Telemarketing Software Featured Article

Oh, Canada: Record Year for Outbound Telemarketing Fines

May 12, 2015
By Tracey E. Schelmetic - Telemarketing Software Contributor

Telemarketing is still a useful and valid business process, particularly in the business-to-business sector. Trained outbound sales reps can gather and warm up leads and pass them on to outside sales personnel. Telemarketing to consumers can be a little trickier, but under certain conditions, it can also be a worthwhile venture. The problems come in when companies cut corners deliberately, or operate out of ignorance of the law. Under those circumstances, telemarketing can become a costly mistake.

In the U.S., the Federal Communications Commission (FCC (News - Alert)) and Federal Trade Commission (FTC) jointly regulate telemarketing, and maintain strict rules for the circumstances under which companies can make outbound telephone calls to customers and prospects. Those agencies have handed out many fines – some quite hefty – to players who don’t follow the rules. In Canada, the CRTC (Canadian Radio-television and Telecommunications Commission) is responsible for enforcing telemarketing rules and regulations.

The CRTC has been stepping up the fines levied on violators. The commission recently handed out fines to Thrift Magic ($250,000), Québec Loisirs ($200,000), Telelisting ($260,000), Florida-based Consolidated Travel Holdings ($200,000), and one of Canada’s largest media outlets, Metroland ($240,000). Smaller fines were handed out to AcademyOne Learning Ltd., a company offering educational tutoring ($25,000), Eagle Water of Ontario, a water treatment company ($32,500), Outsource 3000 Inc., a telemarketer offering calling services for telemarketing ($15,000) Scentral Cleaning Services, a residential and commercial cleaning company ($20,000) and Ontario Eco Energy Inc. ($30,000).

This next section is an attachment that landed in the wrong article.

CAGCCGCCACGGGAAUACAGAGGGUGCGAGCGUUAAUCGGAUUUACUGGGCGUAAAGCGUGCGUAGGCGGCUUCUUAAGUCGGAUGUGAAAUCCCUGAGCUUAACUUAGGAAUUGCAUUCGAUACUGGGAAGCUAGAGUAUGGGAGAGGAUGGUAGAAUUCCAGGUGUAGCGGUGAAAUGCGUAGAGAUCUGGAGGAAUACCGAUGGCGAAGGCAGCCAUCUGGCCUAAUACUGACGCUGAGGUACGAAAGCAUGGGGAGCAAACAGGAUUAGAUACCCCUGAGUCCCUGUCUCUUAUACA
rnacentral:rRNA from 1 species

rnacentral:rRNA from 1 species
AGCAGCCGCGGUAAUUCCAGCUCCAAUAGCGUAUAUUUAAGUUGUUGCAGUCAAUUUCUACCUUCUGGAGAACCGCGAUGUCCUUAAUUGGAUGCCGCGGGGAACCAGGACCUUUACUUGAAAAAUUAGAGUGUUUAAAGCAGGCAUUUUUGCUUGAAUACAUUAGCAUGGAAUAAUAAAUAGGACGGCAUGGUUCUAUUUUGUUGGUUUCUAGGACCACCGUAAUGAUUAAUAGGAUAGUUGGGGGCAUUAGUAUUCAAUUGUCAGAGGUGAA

Altogether, the CRTC issued 32 notices of violation totaling over $2 million in monetary penalties, 16 warning letters and five citations. In most cases, the fines were levied for failing to comply with national do-not-call list regulations which were established in Canada in 2008. Canadian consumers have put 12.8 million numbers of the national do-not-call list to date, and any businesses engaged in outbound telemarketing are required to remain up-to-date with the lists and scrub any numbers that appear on the list from outbound calling schedules.

The CRTC is claiming a banner 2014-2015 year for fines against telemarketing violators. The association said the fines were the result of investigations and collaboration with domestic and international partners.

“I encourage Canadians to continue sending us their complaints regarding unsolicited calls,” said Manon Bombardier, CRTC Chief Compliance and Enforcement Officer, in a statement. “This support is essential to our work.  It is important to remember that the CRTC’s purpose is not to impose monetary penalties but to encourage compliance with the requirements of the Unsolicited Telecommunications Rules. To do that, we have a duty to remind telemarketers that they must comply with the Rules, whether they are within or outside Canada.”